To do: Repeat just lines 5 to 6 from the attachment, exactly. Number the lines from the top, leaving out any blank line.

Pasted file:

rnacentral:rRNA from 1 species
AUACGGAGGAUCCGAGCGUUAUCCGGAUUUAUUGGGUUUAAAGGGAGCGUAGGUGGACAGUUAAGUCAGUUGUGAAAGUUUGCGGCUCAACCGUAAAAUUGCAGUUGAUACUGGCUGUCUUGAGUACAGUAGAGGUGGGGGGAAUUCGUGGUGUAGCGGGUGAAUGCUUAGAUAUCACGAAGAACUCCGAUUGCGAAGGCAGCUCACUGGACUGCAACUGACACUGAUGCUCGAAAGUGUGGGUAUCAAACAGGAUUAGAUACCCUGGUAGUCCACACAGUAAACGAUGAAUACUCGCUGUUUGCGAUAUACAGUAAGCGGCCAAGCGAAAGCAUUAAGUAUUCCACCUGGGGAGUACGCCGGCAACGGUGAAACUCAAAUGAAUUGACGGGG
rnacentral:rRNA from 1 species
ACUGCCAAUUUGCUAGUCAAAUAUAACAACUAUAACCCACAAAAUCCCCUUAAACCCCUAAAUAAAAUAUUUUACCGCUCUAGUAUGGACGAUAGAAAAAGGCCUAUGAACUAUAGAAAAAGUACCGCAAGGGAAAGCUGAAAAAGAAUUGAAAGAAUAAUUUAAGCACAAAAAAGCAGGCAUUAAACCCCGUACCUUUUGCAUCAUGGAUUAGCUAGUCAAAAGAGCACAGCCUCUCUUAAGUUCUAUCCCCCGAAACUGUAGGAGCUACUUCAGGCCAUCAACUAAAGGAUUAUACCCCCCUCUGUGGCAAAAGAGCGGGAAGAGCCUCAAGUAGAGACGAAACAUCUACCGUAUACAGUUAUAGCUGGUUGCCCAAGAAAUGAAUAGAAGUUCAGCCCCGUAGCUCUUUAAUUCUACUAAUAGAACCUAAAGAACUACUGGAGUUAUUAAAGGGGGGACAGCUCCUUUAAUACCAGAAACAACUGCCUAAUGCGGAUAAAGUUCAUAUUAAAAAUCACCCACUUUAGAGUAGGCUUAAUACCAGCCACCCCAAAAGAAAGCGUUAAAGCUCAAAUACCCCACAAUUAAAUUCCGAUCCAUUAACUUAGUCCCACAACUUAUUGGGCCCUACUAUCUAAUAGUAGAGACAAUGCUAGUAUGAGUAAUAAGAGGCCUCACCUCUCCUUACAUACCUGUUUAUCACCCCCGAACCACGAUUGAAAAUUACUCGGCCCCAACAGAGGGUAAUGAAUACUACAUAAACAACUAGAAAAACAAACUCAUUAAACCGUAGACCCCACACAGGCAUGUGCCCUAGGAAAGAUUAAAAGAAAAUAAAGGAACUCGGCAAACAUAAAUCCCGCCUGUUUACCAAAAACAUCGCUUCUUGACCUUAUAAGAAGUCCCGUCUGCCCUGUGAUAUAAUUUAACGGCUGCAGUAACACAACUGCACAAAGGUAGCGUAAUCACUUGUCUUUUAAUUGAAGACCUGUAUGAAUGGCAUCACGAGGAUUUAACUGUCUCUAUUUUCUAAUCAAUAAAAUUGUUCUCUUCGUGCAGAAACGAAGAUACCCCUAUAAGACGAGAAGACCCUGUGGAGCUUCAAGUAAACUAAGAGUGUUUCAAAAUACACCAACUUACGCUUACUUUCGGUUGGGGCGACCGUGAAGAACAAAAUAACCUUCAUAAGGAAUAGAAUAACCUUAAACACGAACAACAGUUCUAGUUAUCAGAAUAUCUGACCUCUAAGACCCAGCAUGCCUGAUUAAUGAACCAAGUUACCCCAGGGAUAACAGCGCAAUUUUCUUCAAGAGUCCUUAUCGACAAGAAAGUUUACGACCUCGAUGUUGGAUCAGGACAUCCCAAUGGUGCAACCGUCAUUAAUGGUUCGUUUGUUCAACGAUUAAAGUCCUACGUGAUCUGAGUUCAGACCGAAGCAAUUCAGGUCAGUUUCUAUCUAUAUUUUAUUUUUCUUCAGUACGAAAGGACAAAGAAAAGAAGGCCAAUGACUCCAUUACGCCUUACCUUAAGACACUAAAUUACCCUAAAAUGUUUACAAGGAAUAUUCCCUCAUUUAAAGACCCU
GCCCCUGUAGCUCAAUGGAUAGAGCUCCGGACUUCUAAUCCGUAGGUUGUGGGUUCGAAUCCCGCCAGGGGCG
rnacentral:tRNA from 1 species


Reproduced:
GCCCCUGUAGCUCAAUGGAUAGAGCUCCGGACUUCUAAUCCGUAGGUUGUGGGUUCGAAUCCCGCCAGGGGCG
rnacentral:tRNA from 1 species